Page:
'This will not derail us': Greater Manchester Mayor Andy Burnham reacts to scrapping of HS2

Greater Manchester Mayor Andy Burnham has called out the Prime Minister for 'not consulting' Northern leaders in the decision to scrap HS2 to Manchester.

Mr Burnham claimed Conservative promises to the North of England were simply about winning votes, adding the axing of HS2 to the North would not solve North-South or East-West capacity problems on the railways.

In a press conference at the Museum of Science and Industry, Mr Burnham said: “There’s a world of difference between a transport plan patched together in hotel rooms at a party conference with no input with Northern leaders or Mayors.

"And a transport plan that’s been worked on for years by Northern leaders and Mayors, with Transport for the North, which is a coherent plan representing the voice of the North and what people here want.

“What’s been announced at conference today is not that coherent plan.”

He said the announced plans do 'not make any logical sense' as they do not address the issue of bottlenecks and lack of capacity on the railway network, which covers from Liverpool in the West to Hull in the East.

Adding that the current plans also do not solve the problems of capacity on the railways running North-South from Manchester to Birmingham and London, Mr Burnham said: "I think this city region deserves more respect than it was given."

Mr Burnham, speaking at the site of the terminus of the world’s first inter-city passenger railway, between Liverpool and Manchester, said: “We really did give passenger rail, commuter rail, to the world.

"You may remember, almost 10 years ago, George Osborne came to the building just beyond here to tap into that spirit that the north of England had in the nineteenth century of pioneering and bringing new developments to the world.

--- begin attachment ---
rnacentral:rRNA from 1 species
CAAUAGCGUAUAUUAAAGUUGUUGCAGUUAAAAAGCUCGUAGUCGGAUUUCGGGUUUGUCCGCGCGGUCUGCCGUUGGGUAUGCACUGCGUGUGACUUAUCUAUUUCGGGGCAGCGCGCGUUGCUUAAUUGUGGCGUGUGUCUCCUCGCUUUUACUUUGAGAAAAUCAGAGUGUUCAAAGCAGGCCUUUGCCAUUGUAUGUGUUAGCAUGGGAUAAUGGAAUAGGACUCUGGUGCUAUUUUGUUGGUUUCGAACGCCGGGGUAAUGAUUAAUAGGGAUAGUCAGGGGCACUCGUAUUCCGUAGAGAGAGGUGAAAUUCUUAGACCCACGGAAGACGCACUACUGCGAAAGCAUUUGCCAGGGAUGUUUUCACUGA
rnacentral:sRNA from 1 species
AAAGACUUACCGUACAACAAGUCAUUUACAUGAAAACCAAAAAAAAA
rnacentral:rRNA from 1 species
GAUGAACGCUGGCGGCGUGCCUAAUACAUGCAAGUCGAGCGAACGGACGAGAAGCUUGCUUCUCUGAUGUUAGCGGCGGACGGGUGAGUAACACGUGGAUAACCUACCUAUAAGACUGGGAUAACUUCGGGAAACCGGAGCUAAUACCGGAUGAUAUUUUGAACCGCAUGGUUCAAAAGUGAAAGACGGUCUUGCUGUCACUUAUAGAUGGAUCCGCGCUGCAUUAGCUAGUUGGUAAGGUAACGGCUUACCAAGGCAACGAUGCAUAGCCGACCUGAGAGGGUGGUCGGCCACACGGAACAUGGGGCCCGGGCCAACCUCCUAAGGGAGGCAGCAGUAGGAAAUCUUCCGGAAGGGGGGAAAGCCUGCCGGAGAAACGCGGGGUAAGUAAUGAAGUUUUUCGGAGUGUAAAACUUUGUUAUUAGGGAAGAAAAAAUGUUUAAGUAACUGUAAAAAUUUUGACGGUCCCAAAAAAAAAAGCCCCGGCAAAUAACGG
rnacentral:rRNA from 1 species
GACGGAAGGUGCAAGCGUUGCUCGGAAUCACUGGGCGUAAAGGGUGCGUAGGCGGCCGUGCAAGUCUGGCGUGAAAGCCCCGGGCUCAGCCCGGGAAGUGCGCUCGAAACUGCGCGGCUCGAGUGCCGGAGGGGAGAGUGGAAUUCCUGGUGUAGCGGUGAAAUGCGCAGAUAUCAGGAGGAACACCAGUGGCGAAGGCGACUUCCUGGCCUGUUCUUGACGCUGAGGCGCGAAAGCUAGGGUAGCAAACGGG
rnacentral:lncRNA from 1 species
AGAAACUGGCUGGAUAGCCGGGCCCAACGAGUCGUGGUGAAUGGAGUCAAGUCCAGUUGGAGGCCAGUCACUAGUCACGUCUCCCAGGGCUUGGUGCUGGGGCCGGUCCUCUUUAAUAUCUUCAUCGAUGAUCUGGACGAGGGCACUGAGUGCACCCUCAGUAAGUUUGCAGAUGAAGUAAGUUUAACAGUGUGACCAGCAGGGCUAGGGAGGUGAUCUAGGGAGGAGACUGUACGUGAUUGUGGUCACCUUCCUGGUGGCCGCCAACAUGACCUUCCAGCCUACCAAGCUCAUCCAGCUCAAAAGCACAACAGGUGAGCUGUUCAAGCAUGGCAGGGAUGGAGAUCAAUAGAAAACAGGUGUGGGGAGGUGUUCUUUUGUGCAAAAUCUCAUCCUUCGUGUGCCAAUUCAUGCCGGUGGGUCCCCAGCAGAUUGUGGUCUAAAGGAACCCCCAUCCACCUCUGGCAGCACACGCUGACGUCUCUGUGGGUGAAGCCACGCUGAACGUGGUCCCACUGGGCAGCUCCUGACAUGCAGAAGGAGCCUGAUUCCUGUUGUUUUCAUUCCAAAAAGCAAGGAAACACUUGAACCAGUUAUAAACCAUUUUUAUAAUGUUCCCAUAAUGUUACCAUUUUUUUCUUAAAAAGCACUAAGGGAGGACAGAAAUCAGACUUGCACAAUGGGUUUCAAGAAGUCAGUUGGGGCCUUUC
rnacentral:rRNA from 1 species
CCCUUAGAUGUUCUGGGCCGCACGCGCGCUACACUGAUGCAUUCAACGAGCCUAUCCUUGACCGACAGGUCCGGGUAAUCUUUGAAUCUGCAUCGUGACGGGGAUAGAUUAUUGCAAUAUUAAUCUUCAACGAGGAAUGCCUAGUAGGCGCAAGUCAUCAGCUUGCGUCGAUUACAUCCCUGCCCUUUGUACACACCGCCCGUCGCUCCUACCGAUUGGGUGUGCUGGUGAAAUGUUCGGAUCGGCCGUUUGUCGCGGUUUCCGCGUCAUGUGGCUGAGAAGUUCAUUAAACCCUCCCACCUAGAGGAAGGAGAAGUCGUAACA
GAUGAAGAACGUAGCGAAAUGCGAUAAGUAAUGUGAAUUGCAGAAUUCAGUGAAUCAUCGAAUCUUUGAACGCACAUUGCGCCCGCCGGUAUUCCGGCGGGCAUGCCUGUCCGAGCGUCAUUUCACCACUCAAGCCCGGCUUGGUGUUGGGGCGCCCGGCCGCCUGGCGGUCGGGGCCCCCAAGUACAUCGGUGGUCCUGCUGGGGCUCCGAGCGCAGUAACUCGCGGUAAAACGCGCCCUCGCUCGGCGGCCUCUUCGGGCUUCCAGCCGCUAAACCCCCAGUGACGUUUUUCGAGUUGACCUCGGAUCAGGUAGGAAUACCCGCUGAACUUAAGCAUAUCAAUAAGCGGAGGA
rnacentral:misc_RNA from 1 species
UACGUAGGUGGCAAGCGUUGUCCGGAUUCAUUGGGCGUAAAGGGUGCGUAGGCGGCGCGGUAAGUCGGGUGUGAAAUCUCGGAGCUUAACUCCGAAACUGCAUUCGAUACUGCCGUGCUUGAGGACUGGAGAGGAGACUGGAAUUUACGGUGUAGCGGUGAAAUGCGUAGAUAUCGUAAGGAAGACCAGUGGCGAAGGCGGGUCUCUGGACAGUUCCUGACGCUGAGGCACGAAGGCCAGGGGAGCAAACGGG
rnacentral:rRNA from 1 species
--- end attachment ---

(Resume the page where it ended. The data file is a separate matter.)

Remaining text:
Former Chancellor George Osborne created the idea of the Northern Powerhouse Rail.

"To say that he would bring forward a northern powerhouse that would be all about that ambition again for Britain, bringing north-south lines with HS2, east-west with HS3 as he called it then, that obviously became northern powerhouse rail.

“You name it, we were getting it all.

"It’s hard not to feel that ten years on from that announcement the Conservative Party have not shown the courage, the conviction or the capability to turn those statements into reality, to the great frustration of the people here.

“Does this country have the will, within it, to actually prioritise the North of England?”

During his landmark speech at the Conservative Party conference, Mr Sunak said scrapping the Northern leg of HS2 was “the right thing to do” as he pledged the £36 billion of savings will fund hundreds of other transport schemes.

In its place, Mr Sunak proposed a new 'Network North' which he said would bring a wide array of benefits for transport in the North of England.

Transport for the North have also responded to the proposition, Chairman Lord McLoughlin said: “The cancelling of the Northern leg of HS2 is naturally disappointing.

"It’s undeniable that this will be seen by many as a missed opportunity for the region, and the country as a whole.

Lord McLoughlin responded to the decision to scrap the Northern leg of HS2. Credit: Transport for the North

"Only last week, Northern business and political leaders came together at our TfN Board to speak with ‘one voice’ to reaffirm our position that HS2 and NPR in full are vital to truly transform the North.

He continued: "There are still quite a few areas that require further clarification from the Department for Transport, which we will be seeking from them.”

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